By Eerdmans, Co-Head of Emerging Market Fixed Income
As we have mentioned before, emerging markets (EMs) are at the start of a busy election calendar over the next 12-18 months. Election outcomes can be crucial in driving policy direction and therefore asset prices. This past weekend we had the first three of these EM elections, and all resulted in the more market friendly outcome. In the case of South Africa, this wasn’t straightforward but Ramaphosa’s victory represents a transformational moment for this young democracy and its people.
Modi passes local election test
Let’s start with the least market-moving election, the local elections in two Indian states, Gujarat and Himachal Pradesh. While of limited economic impact, the elections were an important litmus test of Prime Minister Modi’s popularity and reform agenda, particularly important given the next general election is less than 18 months away. It was an encouraging victory for this party, which secured majorities in both states. Admittedly the size of the majority in Gujarat was a bit disappointing, although the BJP recorded a better than expected result in Himachal Pradesh. Overall we see the result as a positive one for the BJP, with the current trajectory of reforms likely to stay in place.
Pinera returns to the helm in Chile
Meanwhile in Chile, pro-business ex-President Sebastien Pinera was elected after the second round of the Presidential Election. After a tighter than expected first round (which spooked the markets), Pinera easily defeated the leftist Guillier, with a projected 55% share of the vote. During four years of Bachelet, the reform agenda stalled and more populist policies were adopted. Thus the business-friendly Pinera should ensure a more pro-reform agenda in the coming years. This resulted in the Chilean peso being one of the strongest EM currencies this month, up 4.5% (at the time of writing). We remain constructive on Chile and believe we can see positive reforms, improved business sentiment and a pick-up in growth after a few disappointing years.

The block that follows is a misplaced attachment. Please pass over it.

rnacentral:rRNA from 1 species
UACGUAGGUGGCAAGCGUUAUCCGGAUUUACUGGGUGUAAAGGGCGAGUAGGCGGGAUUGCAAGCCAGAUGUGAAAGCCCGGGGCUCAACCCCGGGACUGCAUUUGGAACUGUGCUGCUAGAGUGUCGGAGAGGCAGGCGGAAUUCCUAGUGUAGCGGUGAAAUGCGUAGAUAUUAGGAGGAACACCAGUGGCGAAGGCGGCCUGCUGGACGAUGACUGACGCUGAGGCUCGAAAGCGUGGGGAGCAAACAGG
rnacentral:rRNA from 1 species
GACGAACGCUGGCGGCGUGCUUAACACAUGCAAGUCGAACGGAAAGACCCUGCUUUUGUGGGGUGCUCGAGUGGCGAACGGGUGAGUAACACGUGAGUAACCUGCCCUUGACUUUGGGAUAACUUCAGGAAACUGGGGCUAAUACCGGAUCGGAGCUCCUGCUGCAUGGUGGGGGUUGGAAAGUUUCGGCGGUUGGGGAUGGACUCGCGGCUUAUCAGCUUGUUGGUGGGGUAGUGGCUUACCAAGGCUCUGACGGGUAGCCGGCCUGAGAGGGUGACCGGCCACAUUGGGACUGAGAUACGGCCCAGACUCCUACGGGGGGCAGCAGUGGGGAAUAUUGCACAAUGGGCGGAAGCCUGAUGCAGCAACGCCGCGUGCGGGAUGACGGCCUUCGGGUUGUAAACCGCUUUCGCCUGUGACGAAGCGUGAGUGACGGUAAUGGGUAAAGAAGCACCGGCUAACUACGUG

Ramaphosa’s victory brings new hope for South Africa
The most hotly contested and arguably most important election this weekend was not a public one, but the internal election for the ANC Presidency. The election polarised the ANC and indeed the country with Nkosazana Dlamini Zuma (NDZ) representing the under-fire Zuma faction, which is accused of blatant corruption and weak economic and fiscal policies, versus the more market-friendly candidate Cyril Ramaphosa. The policy differences between the two candidates meant the market viewed the outcome as binary, with a Ramaphosa win representing a return to the days of prudent macro policy and a NDZ victory symbolising a continuation of institutional decline.
As the market gained greater confidence of Ramaphosa’s victory, the rand rallied (by over 6% this month at the time of writing). Ultimately, internal divisions meant that a compromise result was inevitable. As such, despite Mr Ramaphosa taking the ANC presidency (and likely South Africa’s presidency in the next national election) the top-6 party positions were split 3-3 across the factions, with at least two deeply compromised people (David Mabuza and Ace Magashule) taking senior positions. This highlights the need for caution, and clearly we also need to see how quickly Ramaphosa’s victory translates into better policy as he balances the demands of both the nation and the ANC itself. But overall, this result is a positive for South Africa’s future.
All in all, these three results were encouraging. This may well set the scene for further positive outcomes in the busy 2018 election cycle. This combined with a strong economic growth outlook and relatively attractive valuations, should bode well for Emerging Market Debt returns in the New Year.
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